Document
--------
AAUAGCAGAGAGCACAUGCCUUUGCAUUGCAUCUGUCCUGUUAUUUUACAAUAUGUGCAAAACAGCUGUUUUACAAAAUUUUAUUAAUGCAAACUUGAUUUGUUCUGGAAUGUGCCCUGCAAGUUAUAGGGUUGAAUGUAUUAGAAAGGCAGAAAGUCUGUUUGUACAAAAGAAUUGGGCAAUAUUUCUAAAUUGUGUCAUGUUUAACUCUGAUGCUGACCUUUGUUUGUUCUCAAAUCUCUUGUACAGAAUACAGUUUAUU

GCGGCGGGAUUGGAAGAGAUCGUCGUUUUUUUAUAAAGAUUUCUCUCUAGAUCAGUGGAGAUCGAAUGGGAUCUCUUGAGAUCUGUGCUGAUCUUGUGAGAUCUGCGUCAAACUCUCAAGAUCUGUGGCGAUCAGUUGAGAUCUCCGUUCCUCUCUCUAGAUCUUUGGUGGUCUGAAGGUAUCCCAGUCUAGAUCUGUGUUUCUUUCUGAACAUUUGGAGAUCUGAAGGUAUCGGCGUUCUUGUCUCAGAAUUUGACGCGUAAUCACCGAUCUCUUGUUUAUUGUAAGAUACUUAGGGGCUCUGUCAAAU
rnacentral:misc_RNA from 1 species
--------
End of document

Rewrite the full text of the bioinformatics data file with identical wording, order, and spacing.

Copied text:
AAUAGCAGAGAGCACAUGCCUUUGCAUUGCAUCUGUCCUGUUAUUUUACAAUAUGUGCAAAACAGCUGUUUUACAAAAUUUUAUUAAUGCAAACUUGAUUUGUUCUGGAAUGUGCCCUGCAAGUUAUAGGGUUGAAUGUAUUAGAAAGGCAGAAAGUCUGUUUGUACAAAAGAAUUGGGCAAUAUUUCUAAAUUGUGUCAUGUUUAACUCUGAUGCUGACCUUUGUUUGUUCUCAAAUCUCUUGUACAGAAUACAGUUUAUU

GCGGCGGGAUUGGAAGAGAUCGUCGUUUUUUUAUAAAGAUUUCUCUCUAGAUCAGUGGAGAUCGAAUGGGAUCUCUUGAGAUCUGUGCUGAUCUUGUGAGAUCUGCGUCAAACUCUCAAGAUCUGUGGCGAUCAGUUGAGAUCUCCGUUCCUCUCUCUAGAUCUUUGGUGGUCUGAAGGUAUCCCAGUCUAGAUCUGUGUUUCUUUCUGAACAUUUGGAGAUCUGAAGGUAUCGGCGUUCUUGUCUCAGAAUUUGACGCGUAAUCACCGAUCUCUUGUUUAUUGUAAGAUACUUAGGGGCUCUGUCAAAU
rnacentral:misc_RNA from 1 species